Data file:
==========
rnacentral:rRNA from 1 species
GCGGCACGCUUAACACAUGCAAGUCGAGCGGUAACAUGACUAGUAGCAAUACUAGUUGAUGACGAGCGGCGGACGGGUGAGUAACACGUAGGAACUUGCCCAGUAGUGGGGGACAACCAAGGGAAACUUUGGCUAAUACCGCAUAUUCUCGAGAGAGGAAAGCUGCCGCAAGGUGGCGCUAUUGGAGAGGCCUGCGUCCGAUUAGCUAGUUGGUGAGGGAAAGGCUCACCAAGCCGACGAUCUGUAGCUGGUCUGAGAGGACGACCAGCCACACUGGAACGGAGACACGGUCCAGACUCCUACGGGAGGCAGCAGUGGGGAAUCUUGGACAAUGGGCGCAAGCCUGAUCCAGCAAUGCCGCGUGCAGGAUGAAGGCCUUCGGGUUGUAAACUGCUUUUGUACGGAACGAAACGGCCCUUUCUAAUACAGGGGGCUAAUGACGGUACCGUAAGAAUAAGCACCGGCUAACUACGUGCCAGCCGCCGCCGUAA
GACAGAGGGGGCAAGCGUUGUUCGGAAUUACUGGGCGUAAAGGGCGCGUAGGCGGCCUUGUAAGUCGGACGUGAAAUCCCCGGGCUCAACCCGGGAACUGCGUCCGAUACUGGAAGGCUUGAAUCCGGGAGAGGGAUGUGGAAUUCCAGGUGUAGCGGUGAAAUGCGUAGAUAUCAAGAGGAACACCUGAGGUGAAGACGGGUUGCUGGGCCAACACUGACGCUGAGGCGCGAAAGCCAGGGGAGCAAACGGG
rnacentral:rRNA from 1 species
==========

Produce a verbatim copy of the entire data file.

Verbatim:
rnacentral:rRNA from 1 species
GCGGCACGCUUAACACAUGCAAGUCGAGCGGUAACAUGACUAGUAGCAAUACUAGUUGAUGACGAGCGGCGGACGGGUGAGUAACACGUAGGAACUUGCCCAGUAGUGGGGGACAACCAAGGGAAACUUUGGCUAAUACCGCAUAUUCUCGAGAGAGGAAAGCUGCCGCAAGGUGGCGCUAUUGGAGAGGCCUGCGUCCGAUUAGCUAGUUGGUGAGGGAAAGGCUCACCAAGCCGACGAUCUGUAGCUGGUCUGAGAGGACGACCAGCCACACUGGAACGGAGACACGGUCCAGACUCCUACGGGAGGCAGCAGUGGGGAAUCUUGGACAAUGGGCGCAAGCCUGAUCCAGCAAUGCCGCGUGCAGGAUGAAGGCCUUCGGGUUGUAAACUGCUUUUGUACGGAACGAAACGGCCCUUUCUAAUACAGGGGGCUAAUGACGGUACCGUAAGAAUAAGCACCGGCUAACUACGUGCCAGCCGCCGCCGUAA
GACAGAGGGGGCAAGCGUUGUUCGGAAUUACUGGGCGUAAAGGGCGCGUAGGCGGCCUUGUAAGUCGGACGUGAAAUCCCCGGGCUCAACCCGGGAACUGCGUCCGAUACUGGAAGGCUUGAAUCCGGGAGAGGGAUGUGGAAUUCCAGGUGUAGCGGUGAAAUGCGUAGAUAUCAAGAGGAACACCUGAGGUGAAGACGGGUUGCUGGGCCAACACUGACGCUGAGGCGCGAAAGCCAGGGGAGCAAACGGG
rnacentral:rRNA from 1 species